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UAE pledges to improve infrastructure in less-developed regions

Investment of $1.6m in water and electricity networks planned, and Food prices to be cut by 40 per cent

Reuters, Wednesday 2 Mar 2011
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The United Arab Emirates, watching as Arab unrest spreads to nearby Gulf countries, will invest US$1.6 billion to improve infrastructure in less developed regions of the country, state media said on Wednesday.

The decision to expand water and electricity networks at a cost of 5.7bn dirhams came after President Sheikh Khalifa bin Zayed al-Nahayan last month ordered a tour to the less prosperous areas of the world's third largest oil exporter to assess their living conditions.

"Electricity supply is to be provided to buildings and shops belonging to citizens in the northern emirates, the president ordered," the state news agency WAM said.

Revolts against oppressive leaders and economic hardships have been sweeping through the Arab world over the past two months, ousting the presidents of Egypt and Tunisia. They now challenge regimes in Libya as well as nearby Bahrain and Oman.

The UAE, the second largest Arab economy, has escaped the unrest so far. Its relatively small local population enjoys one of the world's highest economic outputs per capita, at over $47,000.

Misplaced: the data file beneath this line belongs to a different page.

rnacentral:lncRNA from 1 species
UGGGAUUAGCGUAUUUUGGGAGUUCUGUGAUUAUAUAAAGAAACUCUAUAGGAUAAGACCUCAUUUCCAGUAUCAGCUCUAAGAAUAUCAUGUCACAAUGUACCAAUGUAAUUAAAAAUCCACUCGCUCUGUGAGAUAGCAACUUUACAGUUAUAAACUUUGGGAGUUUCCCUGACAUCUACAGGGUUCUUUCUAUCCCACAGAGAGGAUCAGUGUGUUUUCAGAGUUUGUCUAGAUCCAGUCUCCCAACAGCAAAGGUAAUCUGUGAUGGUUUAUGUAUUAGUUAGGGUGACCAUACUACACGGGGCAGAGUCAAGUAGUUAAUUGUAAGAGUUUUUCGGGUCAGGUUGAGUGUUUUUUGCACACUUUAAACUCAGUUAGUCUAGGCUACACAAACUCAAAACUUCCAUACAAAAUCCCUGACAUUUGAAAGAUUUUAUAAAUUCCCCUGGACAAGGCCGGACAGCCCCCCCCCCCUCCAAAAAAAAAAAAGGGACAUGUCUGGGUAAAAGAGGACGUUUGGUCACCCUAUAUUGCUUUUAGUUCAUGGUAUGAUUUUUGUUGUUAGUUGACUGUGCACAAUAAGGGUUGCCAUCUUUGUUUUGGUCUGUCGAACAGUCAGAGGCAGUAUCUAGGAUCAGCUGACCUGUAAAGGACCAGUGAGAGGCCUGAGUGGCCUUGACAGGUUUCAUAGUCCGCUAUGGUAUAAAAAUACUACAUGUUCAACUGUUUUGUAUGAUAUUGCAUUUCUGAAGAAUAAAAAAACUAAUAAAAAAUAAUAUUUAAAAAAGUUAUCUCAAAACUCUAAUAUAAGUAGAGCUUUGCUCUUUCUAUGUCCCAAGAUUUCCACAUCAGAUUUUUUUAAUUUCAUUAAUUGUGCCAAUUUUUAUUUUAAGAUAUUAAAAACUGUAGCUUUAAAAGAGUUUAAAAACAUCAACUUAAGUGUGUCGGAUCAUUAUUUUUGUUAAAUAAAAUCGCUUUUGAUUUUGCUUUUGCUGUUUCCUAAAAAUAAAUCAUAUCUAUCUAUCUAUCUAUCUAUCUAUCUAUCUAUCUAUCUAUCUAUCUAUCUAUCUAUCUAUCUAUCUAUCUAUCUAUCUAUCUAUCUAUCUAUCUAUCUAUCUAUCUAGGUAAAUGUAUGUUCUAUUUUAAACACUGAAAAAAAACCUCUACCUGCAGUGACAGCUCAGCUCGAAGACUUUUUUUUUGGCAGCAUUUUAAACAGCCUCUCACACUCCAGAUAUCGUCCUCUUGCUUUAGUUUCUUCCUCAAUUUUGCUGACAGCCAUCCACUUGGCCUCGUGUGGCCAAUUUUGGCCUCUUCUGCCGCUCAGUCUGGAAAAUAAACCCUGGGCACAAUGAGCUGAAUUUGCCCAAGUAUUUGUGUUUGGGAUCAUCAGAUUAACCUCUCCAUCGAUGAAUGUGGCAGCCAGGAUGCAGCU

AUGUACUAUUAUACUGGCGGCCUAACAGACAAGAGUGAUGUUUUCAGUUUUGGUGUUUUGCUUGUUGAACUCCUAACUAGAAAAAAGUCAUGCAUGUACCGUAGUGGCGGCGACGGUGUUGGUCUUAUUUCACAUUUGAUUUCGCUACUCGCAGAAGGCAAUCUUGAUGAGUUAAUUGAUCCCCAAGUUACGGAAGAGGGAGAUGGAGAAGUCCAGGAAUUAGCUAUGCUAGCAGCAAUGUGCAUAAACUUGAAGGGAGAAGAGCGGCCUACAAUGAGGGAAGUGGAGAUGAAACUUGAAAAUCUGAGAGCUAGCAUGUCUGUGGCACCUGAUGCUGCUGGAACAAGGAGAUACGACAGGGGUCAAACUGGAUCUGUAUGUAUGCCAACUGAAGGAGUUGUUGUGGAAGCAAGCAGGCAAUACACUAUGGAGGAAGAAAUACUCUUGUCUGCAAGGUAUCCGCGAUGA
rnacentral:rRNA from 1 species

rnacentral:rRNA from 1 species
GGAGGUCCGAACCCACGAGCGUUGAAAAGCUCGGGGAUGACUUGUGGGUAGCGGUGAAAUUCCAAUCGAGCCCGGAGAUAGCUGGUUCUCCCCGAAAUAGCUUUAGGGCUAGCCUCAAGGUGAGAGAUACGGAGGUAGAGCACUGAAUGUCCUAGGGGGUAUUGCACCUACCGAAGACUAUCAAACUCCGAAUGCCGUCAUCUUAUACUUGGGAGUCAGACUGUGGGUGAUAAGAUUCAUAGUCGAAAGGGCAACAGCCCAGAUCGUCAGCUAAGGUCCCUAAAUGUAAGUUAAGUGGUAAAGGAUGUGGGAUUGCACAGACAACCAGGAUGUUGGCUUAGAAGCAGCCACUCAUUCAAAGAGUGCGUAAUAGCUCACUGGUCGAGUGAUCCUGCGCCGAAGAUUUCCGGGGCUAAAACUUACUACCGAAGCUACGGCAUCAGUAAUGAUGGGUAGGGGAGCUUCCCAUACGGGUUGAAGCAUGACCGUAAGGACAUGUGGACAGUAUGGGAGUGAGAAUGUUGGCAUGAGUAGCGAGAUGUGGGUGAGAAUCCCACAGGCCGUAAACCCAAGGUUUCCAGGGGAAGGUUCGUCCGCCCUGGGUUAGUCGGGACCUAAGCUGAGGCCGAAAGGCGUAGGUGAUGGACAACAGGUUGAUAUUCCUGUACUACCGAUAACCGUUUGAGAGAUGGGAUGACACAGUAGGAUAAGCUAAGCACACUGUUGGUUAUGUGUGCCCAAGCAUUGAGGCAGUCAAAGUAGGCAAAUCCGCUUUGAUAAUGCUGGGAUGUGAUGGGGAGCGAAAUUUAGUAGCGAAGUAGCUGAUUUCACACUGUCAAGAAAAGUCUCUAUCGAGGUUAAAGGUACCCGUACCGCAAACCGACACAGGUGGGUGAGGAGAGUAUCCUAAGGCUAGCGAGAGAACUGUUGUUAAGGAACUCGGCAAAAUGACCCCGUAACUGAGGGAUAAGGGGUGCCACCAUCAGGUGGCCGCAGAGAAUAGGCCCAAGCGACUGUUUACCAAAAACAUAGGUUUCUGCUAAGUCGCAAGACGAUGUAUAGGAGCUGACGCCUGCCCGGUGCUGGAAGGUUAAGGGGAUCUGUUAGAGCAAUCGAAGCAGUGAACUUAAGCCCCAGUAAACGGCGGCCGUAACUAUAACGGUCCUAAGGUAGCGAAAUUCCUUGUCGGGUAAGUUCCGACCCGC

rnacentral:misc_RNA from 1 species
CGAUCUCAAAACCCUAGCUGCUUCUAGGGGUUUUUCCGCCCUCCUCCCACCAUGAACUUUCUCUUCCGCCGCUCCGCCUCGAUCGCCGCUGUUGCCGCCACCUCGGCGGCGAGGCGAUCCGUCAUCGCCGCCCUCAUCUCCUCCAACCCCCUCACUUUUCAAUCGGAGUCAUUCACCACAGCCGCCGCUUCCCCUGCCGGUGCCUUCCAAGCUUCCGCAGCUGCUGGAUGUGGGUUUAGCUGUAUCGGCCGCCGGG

"There is unrest in so many Arab countries. The issue is causing discomfort and has been addressed in the UAE 25-30 years ago," said Khaled Abdulla al-Qubaisi, a senior adviser at the Abu Dhabi government investment fund Mubadala.

"Basic necessities are provided for jobs, health, good quality of life in Abu Dhabi and the UAE. We don't see that as an issue," he said on the sidelines of an event in Abu Dhabi.

"Whether they finance it directly or with local and international funding sources, funding is not going to be a major challenge," said Simon Williams, chief economist at HSBC Bank in Dubai.

It was not clears how the plan would be financed.

The UAE plans to spend 41bn dirhams ($11.16bn) in its 2011 deficit budget.

Abu Dhabi, which accounts for most of the UAE's oil output and fiscal spending, has not released a budget for this year.

Potential for disturbances would most likely come from the five northern emirates, whose citizens have benefited less from the capital Abu Dhabi's vast oil wealth or trade and property-fuelled development in business hub Dubai.

Ras al-Khaimah, one of the northern emirates, has seen small protests in past years but they were quickly crushed by Abu Dhabi security forces. The emirate sits on the Strait of Hormuz, through which 40 percent of the world's seaborne oil passes.

The president ordered the Abu Dhabi Water and Electricity Authority to supply the Federal Electricity and Water Authority with around 1,300 megawatts of power to meet projected demand.

He also called for construction of a 100-km (62-mile) water pipeline costing 900m dirhams from the northern town of Kalba to Dibba on the eastern coast, as well as a 60-km pipeline worth 300m dirhams in Umm al-Quwain emirate, WAM said.

Supermarkets in the UAE have agreed with the economy ministry to cut prices for food and other essential goods by up to 40 per cent for one month.

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